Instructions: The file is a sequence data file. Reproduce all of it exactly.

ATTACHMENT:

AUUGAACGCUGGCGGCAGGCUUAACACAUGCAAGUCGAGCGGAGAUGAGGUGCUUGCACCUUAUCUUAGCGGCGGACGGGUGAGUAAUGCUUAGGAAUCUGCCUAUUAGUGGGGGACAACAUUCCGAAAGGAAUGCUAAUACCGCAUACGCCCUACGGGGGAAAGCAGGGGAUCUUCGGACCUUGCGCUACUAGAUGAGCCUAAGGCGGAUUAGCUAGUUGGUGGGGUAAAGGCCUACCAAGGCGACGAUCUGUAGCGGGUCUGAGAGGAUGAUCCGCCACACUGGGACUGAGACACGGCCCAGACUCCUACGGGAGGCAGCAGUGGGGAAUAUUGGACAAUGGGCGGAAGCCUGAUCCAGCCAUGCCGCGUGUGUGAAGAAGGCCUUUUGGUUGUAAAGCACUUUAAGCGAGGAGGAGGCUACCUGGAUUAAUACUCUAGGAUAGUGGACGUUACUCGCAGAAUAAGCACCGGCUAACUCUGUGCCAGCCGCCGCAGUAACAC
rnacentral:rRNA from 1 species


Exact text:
AUUGAACGCUGGCGGCAGGCUUAACACAUGCAAGUCGAGCGGAGAUGAGGUGCUUGCACCUUAUCUUAGCGGCGGACGGGUGAGUAAUGCUUAGGAAUCUGCCUAUUAGUGGGGGACAACAUUCCGAAAGGAAUGCUAAUACCGCAUACGCCCUACGGGGGAAAGCAGGGGAUCUUCGGACCUUGCGCUACUAGAUGAGCCUAAGGCGGAUUAGCUAGUUGGUGGGGUAAAGGCCUACCAAGGCGACGAUCUGUAGCGGGUCUGAGAGGAUGAUCCGCCACACUGGGACUGAGACACGGCCCAGACUCCUACGGGAGGCAGCAGUGGGGAAUAUUGGACAAUGGGCGGAAGCCUGAUCCAGCCAUGCCGCGUGUGUGAAGAAGGCCUUUUGGUUGUAAAGCACUUUAAGCGAGGAGGAGGCUACCUGGAUUAAUACUCUAGGAUAGUGGACGUUACUCGCAGAAUAAGCACCGGCUAACUCUGUGCCAGCCGCCGCAGUAACAC
rnacentral:rRNA from 1 species